At a Paris summit on Thursday, internet behemoths like Instagram, Facebook, Twitter, and Snapchat joined numerous world leaders in issuing a global push to better protect children online.
The call, which was launched by France and the United Nations Children’s Fund (UNICEF), recognises that “children can come across dangerous and violent content and information manipulation in the digital world.” Children, like adults, have the right to privacy, which must be respected.”
Cyberbullying, sexual abuse, prostitution, human trafficking, sexual and gender-based violence, and violent online radicalization were among the “threats magnified by technology” highlighted in the text.
“We urge all governments, online service providers, and related groups to advocate for children’s digital rights,” it stated.
Amazon, Google, and YouTube, Facebook and Instagram’s parent firm Meta, Microsoft, Snapchat, and Twitter are among the signatories. Eight countries have joined the call, including France, Italy, Argentina, Jordan, and Morocco, but not the United States.
The Paris Peace Forum, which began on Thursday, drew some 30 heads of state and government, including US Vice President Kamala Harris. The summit, which will take place both in person and online, will bring together world leaders, CEOs, NGOs, and others to debate global challenges like climate change, the COVID-19 pandemic, and the digital revolution.
In the presence of YouTube CEO Susan Wojcicki, Macron presided over a discussion on children’s rights.
“We must regulate contents and authorization tools so that an 8-year-old, a 10-year-old, a 15-year-old child … cannot be exposed to all contents without rules,” Macron said. That must go via parental control installed by default on some tools, he said. He also insisted on the need for educating children about the risks of social media.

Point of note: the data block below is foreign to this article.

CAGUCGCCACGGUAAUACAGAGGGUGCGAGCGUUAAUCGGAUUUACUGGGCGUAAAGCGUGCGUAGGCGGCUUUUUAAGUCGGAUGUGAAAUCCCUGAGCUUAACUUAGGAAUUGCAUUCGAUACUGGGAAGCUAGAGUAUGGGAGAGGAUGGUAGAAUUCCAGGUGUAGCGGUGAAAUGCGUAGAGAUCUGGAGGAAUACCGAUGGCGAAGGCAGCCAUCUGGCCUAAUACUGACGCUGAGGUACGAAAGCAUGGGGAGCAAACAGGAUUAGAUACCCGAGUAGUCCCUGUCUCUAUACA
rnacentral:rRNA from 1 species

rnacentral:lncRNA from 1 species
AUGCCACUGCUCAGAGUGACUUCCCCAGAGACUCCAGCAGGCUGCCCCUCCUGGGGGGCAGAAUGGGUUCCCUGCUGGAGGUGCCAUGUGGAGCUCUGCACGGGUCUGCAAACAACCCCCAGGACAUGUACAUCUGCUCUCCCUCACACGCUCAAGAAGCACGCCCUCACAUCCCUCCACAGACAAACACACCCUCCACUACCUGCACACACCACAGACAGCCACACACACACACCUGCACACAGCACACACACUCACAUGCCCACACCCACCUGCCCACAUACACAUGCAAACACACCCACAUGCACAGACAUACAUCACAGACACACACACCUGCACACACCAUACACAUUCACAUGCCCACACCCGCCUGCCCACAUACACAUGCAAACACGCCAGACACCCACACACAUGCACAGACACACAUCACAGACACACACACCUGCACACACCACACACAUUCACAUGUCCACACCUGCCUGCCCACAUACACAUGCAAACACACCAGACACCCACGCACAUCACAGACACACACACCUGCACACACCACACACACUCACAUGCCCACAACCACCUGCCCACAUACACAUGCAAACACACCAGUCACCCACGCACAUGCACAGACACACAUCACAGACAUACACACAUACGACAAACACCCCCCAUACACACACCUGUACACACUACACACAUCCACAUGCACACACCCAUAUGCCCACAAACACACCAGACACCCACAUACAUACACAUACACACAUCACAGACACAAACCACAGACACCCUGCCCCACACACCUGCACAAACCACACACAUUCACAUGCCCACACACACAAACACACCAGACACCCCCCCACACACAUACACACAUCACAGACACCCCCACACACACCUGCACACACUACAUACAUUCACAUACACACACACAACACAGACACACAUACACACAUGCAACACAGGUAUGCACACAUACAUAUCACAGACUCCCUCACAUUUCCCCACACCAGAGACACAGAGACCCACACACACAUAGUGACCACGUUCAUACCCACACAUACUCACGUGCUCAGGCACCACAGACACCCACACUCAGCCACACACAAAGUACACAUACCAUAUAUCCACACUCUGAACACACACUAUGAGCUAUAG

Another discussion on governing the digital domain included Macron, Harris, EU Commission President Ursula Von Der Leyen, and Canadian Prime Minister Justin Trudeau, as well as Microsoft President Brad Smith. Harris indicated that the United States will join the Paris Call, which was initiated in 2018 to improve cyberspace security and regulation.
For years, advocates for children’s rights have encouraged internet behemoths to take steps to better protect youngsters.
Whistleblower Frances Haugen’s revelations last month on internal Facebook studies on the effects of Instagram on teenagers heightened parents’ fears about the popular photo-sharing app.
Justine Atlan, the head of “E-Enfance,” an organisation that advocates for children’s online safety, attended the Paris Peace Forum.
“We can make a lot of instruments… but none of them are useful because youngsters lie about their age.” “This is the major concern for me,” she stated. “That is why I believe we must all work together to find solutions.”
Nora Fraisse, the leader of a French organisation dedicated to combating school bullying, hailed the announcement as “a watershed moment” that puts “international pressure” on internet behemoths.
Marion La Main Tendue (“Marion The Outstretched Hand”) was formed by Fraisse after her daughter, Marion, committed suicide at the age of 13 due to bullying at school.
She stated of major social media platforms like TikTok, Instagram, and Snapchat, “Those who are propagating hatred via their pipes carry some responsibility.” Bullying in school and cyberbullying are frequently linked.
According to Fraisse, social media businesses should first request verification of identity and have more control over published content.
Children under the age of 13 are normally prohibited from joining up for social networking platforms, yet it is well established that children do so nonetheless, with or without their parents’ approval.
Fraisse, who lectures to students about the dangers of the internet, also advocates for better education of children and parents on these topics.
She noted a national research her organisation commissioned this year, which found that the number of children tormented at school who tried suicide is greater (12%) than the general population (7 percent ).
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